Bay Times: Your work resonates with palpable integrity. Is it challenging to preserve such creative freedom and honesty in the music business?

Audra Mae: Thank you!!!! That means so much to me! Yes, it’s hard to explain to people who aren’t artists why you can’t take that job that pays like crazy because it’s “just not you” or it “just doesn’t feel right.” However, it’s hard for artists to do the daily, on-the-grind, work it actually takes to get your art out into the world. So, the goal should be to build a team around you who believes in you. If they believe in you and you work your ass off, you learn to trust each other and beautiful things can happen in this business when teamwork is at its most efficient.

Bay Times: You are such a powerful role model for women, given your intelligence, command of the stage and how you’ve handled your work. Do you think it’s still harder for women, as opposed to men, to be taken seriously for their music?

Audra Mae: Yes, it’s harder. Absolutely. But what are you gonna do? You can’t change it from the outside. Shoulders back, chin up and walk, with a smile, directly into the belly of the beast. Otherwise, go home. You’re in the way.

Bay Times: One of the videos for “Addicted to You” tells of a torrid lesbian love affair. Did you help with that story line? Any thoughts about it?

Audra Mae: I wish I could say I thought of it, but I didn’t see it until it came out. I thought it was beautiful! So much fun! And it was nice to see two young actresses own the screen without showing much skin. It was steamy and dangerous and classy all at the same time. I’m excited to be a part of it.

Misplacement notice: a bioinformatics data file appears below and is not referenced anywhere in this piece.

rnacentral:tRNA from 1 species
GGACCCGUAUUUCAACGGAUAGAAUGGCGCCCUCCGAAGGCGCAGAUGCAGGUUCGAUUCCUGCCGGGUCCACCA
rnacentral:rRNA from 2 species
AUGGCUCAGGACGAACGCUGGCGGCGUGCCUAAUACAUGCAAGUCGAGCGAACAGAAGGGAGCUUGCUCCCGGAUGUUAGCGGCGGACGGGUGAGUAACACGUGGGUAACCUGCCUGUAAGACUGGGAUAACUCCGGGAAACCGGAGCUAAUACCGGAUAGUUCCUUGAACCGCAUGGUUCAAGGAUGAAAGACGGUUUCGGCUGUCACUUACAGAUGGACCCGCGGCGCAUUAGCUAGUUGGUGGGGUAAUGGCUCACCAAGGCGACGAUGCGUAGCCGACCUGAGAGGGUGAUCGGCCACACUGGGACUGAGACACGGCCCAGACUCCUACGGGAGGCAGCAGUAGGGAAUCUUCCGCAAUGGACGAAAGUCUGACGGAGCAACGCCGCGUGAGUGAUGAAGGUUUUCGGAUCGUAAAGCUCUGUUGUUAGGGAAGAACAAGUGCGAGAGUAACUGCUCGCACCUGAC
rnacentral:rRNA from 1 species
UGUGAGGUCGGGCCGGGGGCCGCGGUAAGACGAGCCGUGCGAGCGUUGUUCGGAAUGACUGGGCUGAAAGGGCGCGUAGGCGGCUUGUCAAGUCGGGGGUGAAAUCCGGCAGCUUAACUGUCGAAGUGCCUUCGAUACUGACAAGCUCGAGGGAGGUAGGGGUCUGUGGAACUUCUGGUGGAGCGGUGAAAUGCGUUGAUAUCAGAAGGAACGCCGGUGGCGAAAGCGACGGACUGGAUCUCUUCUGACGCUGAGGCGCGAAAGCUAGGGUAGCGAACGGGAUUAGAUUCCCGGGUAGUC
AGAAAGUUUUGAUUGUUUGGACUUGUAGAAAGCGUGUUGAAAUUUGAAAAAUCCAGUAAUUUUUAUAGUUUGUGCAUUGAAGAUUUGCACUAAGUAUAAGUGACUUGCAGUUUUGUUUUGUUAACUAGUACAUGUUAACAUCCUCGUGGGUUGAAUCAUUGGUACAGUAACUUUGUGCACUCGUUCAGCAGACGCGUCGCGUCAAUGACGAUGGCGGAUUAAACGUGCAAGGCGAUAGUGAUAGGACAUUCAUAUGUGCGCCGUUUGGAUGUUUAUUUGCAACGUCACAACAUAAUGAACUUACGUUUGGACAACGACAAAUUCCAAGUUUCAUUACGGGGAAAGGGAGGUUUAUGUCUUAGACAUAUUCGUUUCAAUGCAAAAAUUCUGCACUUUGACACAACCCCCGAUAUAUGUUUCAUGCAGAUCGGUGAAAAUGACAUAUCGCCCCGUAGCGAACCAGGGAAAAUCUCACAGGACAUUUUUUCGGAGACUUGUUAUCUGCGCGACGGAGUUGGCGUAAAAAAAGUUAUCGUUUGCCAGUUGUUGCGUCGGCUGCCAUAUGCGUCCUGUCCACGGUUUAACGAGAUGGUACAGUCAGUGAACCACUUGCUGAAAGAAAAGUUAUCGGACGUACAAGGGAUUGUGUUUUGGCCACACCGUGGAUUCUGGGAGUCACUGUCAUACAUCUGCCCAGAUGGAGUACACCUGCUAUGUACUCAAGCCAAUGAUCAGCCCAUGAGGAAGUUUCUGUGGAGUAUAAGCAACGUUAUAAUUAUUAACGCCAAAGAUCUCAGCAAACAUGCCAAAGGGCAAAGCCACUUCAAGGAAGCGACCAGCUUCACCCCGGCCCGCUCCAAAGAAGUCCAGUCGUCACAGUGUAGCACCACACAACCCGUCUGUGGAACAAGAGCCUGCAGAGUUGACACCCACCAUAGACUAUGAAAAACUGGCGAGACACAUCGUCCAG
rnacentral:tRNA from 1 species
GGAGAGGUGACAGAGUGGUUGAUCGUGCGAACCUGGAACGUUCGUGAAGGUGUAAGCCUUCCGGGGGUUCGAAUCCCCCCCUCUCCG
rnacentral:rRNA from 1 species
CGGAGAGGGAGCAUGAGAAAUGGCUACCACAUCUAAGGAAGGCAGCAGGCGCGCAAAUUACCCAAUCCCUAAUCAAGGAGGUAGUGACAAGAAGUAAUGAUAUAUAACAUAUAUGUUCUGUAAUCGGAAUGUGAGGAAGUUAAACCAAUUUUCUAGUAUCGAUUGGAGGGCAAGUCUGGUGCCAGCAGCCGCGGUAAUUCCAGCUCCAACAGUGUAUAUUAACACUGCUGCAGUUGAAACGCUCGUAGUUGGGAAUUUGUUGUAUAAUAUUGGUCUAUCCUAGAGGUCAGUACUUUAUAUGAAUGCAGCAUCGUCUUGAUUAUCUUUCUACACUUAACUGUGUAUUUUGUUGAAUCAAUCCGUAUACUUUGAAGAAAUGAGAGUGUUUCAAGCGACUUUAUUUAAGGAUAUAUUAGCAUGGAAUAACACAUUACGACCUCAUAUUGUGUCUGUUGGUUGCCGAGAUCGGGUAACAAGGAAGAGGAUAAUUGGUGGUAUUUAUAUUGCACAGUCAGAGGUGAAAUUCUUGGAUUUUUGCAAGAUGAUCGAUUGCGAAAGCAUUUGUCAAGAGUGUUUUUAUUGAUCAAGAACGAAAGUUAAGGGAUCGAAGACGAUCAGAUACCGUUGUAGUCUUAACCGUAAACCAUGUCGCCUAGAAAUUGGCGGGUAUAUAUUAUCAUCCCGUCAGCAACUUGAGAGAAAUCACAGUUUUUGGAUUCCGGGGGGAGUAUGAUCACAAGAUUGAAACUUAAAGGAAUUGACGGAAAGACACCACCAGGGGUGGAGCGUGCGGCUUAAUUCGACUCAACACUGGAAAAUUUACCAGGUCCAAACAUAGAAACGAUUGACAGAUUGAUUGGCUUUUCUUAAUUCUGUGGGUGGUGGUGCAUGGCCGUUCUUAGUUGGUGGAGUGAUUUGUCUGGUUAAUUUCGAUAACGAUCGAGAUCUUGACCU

Bay Times: Our paper is the oldest fully LGBT owned and operated publication for the gay community in the San Francisco Bay Area. We know you already have a strong queer following that continues to grow. What do you think about the advancements made in terms of LGBT rights over the past few years, and do you think that music has helped in that effort?

Audra Mae: I’m so blessed to be alive and making music at a time when compassion seems to be the global issue. On every level, the people all over this planet are demanding compassion above all virtues. I wish it was such a no-brainer to everyone in the world but maybe, someday, it will be for our children. Music has always been, and will always be, the medicine, but without publications like yours, the LGBT communities around the world wouldn’t have a steady source of truth and community. To know you belong is the most important feeling a human being can feel.

Bay Times: We would love to see you perform again here in SF. Do you have a tour in the works that might bring you here?

Audra Mae: I don’t have any tour dates in San Fran at the moment. I love that town! When the fog rolls in, it seems like you’re in a city in the sky. The food is wonderful, music is everywhere, people are paying attention to life, and the history of art and culture is so rich and unique. I’d love to head up there soon and just go museum-hopping for a few days.

Bay Times: Your career is so full of twists and turns. It’s hard to predict what you might do next? Care to fill us in on any of your future goals with your music?

Audra Mae: I’m making my third record right now and writing and singing for lots of other projects. It’s truly a wonderful time to be making music. There are so many artists finding each other and working together like mutual muses. I can’t wait for the world to hear what I know is coming!

Bay Times: Please mention anything else that you would like our readers to know about.

Audra Mae: I would like to let your readers know that, though we surely have a long way to go, we’ll never get there by focusing on our pain. We must focus on our joy! Go celebrate tonight! Raise a toast to those who came before us, and to the legacy we leave behind! Be good to each other. We’ve got work to do.

To learn more about Audra Mae and her music, please visit:  www.audramaemusic.com/